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HPE ML10 Gen9 - budget server

porina
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Manufacturer's product page: https://www.hpe.com/uk/en/product-catalog/servers/proliant-servers/pip.overview.hpe-proliant-ml10-gen9-g4400-4gb-r-non-hot-plug-4lff-sata-300w-entry-svr.1008771937.html

 

 

At the time of writing, this server could be purchased new and delivered in UK for £144 after cashback (US$150 without tax). So what does that buy you, and how does it differ from something not calling itself a server?

 

Basic specs are basic:

CPU: Pentium G4400 - Skylake generation, dual core 3.3 GHz, 3MB cache

Ram: 4GB DDR4 ECC in a single stick

Chipset: C236 - so will support Skylake 1151 Xeons

GPU: Intel HD Graphics 510

Storage: none

PSU: 300W

 

Case is a low budget micro-ATX tower. On the front of the case you get two USB2 ports and a power button. Round the back are 4 USB3 sockets, ethernet, and two display port connectors. Yes, DP, as I found out to my pain as I only have one monitor that supports it and it isn't easy to reach the cable.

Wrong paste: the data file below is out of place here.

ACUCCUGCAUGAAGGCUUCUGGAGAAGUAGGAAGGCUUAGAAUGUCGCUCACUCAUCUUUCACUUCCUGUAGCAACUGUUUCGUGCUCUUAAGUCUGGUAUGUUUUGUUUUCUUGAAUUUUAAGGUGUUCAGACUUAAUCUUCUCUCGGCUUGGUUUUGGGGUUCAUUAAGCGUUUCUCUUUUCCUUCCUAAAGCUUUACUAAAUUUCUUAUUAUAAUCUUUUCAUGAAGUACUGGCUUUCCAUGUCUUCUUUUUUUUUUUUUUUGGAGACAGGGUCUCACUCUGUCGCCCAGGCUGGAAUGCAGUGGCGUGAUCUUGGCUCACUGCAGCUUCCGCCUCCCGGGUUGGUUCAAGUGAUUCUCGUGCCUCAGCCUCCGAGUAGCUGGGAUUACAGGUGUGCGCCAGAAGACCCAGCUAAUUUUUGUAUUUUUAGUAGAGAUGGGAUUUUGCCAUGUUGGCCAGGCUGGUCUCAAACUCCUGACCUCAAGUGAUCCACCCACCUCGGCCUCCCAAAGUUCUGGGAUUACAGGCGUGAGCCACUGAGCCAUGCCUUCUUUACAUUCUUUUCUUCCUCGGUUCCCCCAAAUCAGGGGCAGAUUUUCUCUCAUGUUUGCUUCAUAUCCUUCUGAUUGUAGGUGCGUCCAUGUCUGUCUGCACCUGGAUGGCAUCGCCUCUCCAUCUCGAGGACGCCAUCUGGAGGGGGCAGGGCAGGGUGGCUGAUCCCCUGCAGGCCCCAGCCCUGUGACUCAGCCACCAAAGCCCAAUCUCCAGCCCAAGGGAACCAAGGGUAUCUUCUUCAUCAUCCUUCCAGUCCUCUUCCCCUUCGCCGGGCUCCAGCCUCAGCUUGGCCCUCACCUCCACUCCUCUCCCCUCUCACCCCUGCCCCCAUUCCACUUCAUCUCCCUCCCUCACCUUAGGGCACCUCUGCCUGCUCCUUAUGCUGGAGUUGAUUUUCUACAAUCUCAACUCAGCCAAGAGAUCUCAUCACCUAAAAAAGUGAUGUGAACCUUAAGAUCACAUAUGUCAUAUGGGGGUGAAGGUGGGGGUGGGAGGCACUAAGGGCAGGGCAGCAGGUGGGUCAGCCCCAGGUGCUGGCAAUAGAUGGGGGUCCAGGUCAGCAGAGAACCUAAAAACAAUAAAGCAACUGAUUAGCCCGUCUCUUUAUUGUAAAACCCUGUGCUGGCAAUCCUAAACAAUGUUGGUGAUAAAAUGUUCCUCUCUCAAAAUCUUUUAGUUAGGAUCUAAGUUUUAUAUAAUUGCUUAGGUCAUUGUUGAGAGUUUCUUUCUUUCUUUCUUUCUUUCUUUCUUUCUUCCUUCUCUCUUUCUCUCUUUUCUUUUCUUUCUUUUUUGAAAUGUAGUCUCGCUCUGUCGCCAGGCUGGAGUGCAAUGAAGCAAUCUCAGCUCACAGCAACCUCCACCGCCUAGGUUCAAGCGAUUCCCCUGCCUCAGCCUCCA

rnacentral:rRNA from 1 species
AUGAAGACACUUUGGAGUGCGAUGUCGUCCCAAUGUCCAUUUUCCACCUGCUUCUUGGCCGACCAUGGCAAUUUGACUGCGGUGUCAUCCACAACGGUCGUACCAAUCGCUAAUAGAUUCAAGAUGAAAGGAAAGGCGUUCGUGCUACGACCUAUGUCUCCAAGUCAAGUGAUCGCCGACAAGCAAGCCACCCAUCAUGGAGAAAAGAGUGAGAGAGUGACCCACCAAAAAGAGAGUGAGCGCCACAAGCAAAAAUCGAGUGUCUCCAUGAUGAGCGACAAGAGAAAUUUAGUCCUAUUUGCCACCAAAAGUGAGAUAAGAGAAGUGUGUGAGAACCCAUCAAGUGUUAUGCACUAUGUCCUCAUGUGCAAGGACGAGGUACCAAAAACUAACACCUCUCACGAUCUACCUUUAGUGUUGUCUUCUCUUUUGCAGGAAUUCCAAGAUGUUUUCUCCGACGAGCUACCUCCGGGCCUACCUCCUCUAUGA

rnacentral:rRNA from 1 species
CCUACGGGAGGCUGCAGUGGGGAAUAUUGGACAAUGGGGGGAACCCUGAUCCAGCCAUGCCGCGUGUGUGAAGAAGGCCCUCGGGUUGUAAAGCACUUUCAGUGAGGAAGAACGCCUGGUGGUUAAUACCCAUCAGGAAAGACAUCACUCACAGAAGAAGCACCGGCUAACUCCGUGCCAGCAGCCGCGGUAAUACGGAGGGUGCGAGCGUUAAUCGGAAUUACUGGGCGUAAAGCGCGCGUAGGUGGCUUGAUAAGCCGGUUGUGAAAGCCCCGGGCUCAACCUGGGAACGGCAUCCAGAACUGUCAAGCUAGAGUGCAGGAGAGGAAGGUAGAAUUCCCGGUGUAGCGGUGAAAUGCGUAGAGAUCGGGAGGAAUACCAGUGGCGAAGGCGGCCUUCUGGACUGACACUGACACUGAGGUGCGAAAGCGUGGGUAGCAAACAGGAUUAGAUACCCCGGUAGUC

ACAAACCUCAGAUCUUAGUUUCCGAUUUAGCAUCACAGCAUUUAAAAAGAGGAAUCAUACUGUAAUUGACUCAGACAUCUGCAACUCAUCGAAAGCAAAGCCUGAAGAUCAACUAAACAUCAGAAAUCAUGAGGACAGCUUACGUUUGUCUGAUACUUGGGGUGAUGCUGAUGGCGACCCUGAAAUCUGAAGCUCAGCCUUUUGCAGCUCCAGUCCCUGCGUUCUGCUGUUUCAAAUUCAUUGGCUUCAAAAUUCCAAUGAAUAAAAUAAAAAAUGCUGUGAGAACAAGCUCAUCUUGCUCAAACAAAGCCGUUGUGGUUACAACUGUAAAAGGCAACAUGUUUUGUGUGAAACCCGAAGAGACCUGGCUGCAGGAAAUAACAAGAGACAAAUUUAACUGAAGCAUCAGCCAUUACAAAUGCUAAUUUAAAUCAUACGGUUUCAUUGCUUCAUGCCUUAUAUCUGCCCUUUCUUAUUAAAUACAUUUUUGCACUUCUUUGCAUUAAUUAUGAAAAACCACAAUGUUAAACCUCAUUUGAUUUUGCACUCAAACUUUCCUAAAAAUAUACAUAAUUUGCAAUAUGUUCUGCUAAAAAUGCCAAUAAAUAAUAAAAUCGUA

insidefront.jpg

 

Gently lifting 3 tabs allows you to slide off the front panel, revealing an unused fan cutout. There isn't really room inside or out for a standard thickness fan. If the drive bay wasn't fitted, you could put one inside. The little thing sticking out of one of the fan holes goes back to a header on the mobo labelled ambient sensor, so presumably is a temperature sensor of some sort.

 

Onto the motherboard...

 

mobotop.jpg